Sunday, 30 December 2007

What investors look for - on Dragons Den

Looking beyond the rough and tough entertainment of Dragons Den - here is what I took from the Christmas edition of the programme.

If you want to secure investment for a new idea or business and need to make a presentation to a group of Business Angels you will need to get yourself ready.

Going on TV is not the only way to raise money! See for example:

But wherever you go look for money you will need to make sure:

Your pitch needs to work

Get your pitch - presentation - to be excellent. You need clarity; a charismatic presentation and ensure you build your credibility through the pitch. More on this through the rest of the notes.

Appearance - look professional. Make some effort at this

Your presentation needs to be evidence based, succint and your own demeanour needs to be such that the investors take a liking to you. Because no matter how good your idea - if they do not like you for what ever reason - they just won't invest. It is their money!

The content of your pitch

Make sure you have a grasp of your figures. It is no good denying your knowledge of numbers. It is not rocket science. If you do not understand them - make sure you get a good quality tutorial from someone well versed in finance - especially in raising money.

Ensure you have a grasp of who your customers are - not just the overall market place. Go read a book on marketing if you do not understand the importance of this. Perhaps Geoffrey Moore's book - Crossing the Chasm will help you. Book shops are full of useful materials. As indeed are local Business Schools, full of bright students who can get some market research done for you.

If you are in a buy and sell or a make and sell business - ensure you know what the costs, sales prices, profits and volumes all mean.

If you are in a service business - where you are selling time - see how best you can generate enough sales to realistically cover your time and all the various incidental costs.

During the meeting

Be clear

Listen to the questions - make sure you understand them

Answer carefully - not impulsively

Avoid arguing or begging

Try not to avoid answering the question or become evasive - it only gets harder to retain credibility

Be realistic

There are two ways of gaining immediate attention from an investor - real customer interest in sufficient numbers or of sufficient calibre - to make it realistic. This is a very clear way of reducing the percieved risk.

When it comes to getting a valuation on a new company - bear in mind that what ever money you ask for - you will have to give away some of your equity - the question is what proportion of your company will you give in exchange for the amount of money you are asking for:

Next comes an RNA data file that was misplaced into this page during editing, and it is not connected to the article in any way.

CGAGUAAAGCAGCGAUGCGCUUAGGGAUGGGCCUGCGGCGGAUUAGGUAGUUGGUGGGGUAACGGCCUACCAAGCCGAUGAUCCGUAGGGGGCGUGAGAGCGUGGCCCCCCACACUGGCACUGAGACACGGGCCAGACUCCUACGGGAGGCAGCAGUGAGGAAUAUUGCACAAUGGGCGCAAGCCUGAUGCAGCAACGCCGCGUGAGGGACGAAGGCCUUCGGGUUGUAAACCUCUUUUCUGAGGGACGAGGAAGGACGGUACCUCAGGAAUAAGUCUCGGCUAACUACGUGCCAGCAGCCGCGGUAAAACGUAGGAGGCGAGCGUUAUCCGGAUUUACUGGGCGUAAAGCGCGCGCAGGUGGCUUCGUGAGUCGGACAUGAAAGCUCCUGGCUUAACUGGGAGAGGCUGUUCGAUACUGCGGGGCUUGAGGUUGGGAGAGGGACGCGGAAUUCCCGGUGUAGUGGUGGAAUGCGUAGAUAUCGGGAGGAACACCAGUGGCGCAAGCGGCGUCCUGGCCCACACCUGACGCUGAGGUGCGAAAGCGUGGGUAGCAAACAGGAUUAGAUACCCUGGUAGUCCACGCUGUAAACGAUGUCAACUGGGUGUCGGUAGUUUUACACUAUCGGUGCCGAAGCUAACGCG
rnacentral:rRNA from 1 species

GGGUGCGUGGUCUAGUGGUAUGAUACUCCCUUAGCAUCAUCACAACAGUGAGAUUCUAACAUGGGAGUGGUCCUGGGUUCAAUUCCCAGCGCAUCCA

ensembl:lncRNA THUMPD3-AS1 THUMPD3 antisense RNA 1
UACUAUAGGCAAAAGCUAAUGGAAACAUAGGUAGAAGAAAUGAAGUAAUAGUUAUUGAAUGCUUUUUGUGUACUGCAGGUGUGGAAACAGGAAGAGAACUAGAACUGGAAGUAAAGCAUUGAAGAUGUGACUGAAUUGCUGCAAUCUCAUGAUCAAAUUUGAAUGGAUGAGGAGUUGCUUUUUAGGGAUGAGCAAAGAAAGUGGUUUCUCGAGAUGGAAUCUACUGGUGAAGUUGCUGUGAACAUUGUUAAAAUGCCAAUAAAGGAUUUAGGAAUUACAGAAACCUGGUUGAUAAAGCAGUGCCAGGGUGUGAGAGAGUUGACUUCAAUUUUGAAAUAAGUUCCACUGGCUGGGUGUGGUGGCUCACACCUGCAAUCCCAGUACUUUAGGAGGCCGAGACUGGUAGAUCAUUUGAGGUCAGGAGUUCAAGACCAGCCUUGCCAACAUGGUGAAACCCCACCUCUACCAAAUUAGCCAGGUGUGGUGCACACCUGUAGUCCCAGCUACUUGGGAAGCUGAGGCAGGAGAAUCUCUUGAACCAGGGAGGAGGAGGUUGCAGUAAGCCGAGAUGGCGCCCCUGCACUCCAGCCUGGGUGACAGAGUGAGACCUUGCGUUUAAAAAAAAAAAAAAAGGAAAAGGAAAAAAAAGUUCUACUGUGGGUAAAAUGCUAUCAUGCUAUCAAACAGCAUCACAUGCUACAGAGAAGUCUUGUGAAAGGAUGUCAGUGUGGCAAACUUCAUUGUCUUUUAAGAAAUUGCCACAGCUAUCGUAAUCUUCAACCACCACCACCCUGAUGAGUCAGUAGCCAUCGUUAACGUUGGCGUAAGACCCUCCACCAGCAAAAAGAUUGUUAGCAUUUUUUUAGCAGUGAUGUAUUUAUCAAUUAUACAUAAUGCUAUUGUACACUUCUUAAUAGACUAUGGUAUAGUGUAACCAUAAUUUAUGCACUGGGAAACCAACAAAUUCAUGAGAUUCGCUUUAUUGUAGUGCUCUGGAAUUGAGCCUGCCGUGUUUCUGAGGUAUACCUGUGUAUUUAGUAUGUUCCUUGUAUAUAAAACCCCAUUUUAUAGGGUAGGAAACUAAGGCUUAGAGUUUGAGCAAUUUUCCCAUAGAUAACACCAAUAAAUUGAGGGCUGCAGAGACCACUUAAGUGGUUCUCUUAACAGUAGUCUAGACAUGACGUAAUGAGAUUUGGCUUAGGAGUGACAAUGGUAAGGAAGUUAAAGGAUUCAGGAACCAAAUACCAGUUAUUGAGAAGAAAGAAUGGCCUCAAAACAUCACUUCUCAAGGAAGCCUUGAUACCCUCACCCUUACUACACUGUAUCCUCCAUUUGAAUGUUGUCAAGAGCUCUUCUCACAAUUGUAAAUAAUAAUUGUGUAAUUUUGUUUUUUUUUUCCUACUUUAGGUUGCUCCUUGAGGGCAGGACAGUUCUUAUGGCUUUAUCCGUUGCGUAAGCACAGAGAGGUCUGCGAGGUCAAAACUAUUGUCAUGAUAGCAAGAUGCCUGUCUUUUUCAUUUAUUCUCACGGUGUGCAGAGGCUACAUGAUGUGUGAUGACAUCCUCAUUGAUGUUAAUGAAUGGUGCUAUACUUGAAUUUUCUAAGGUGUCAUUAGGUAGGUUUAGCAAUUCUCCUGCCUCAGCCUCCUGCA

High valuation

Great team - with previous experience of business and of working together (serial entrpreneurs).

A proven market - hard evidence - not just assertions.

A well researched developed product - with secured intellectual property (patents) - and a proven market. Better still if you have a fully functional prototyle or some early trial customers who are prepared to endorse you and your product.

Mid level valuations

One team member is solid - others not so convinving - perhaps part-time, not put their own money in or not technically convincing.

No hard evidence of the market place - relying on metaphors, instinct - but perhaps experience and some endorsements verify the potential. In other words we can see a "market" but perhaps not "customers".

Product has been developed to an extent, but needs resources to get it to prototype and get patents sorted out.

Low level valuations

The idea is no more than a good idea

The inventor/entrepreneur seems to have potential but is unproven - is a first time entrpereneur

The investor is likely to be taking a high level of risk with the early stage idea

The product has only just moved beynd a conceptual level

The investor feels they will have to do all the work to get the product underway because of the lack of experience of the entrepreneur

No valuation what so ever

The pitch was rubbish

The product is whacky

You argued

The market is completely unproven - no sight of customers

It looks like a lifestyle business that is better run from a bedroom or kitchen

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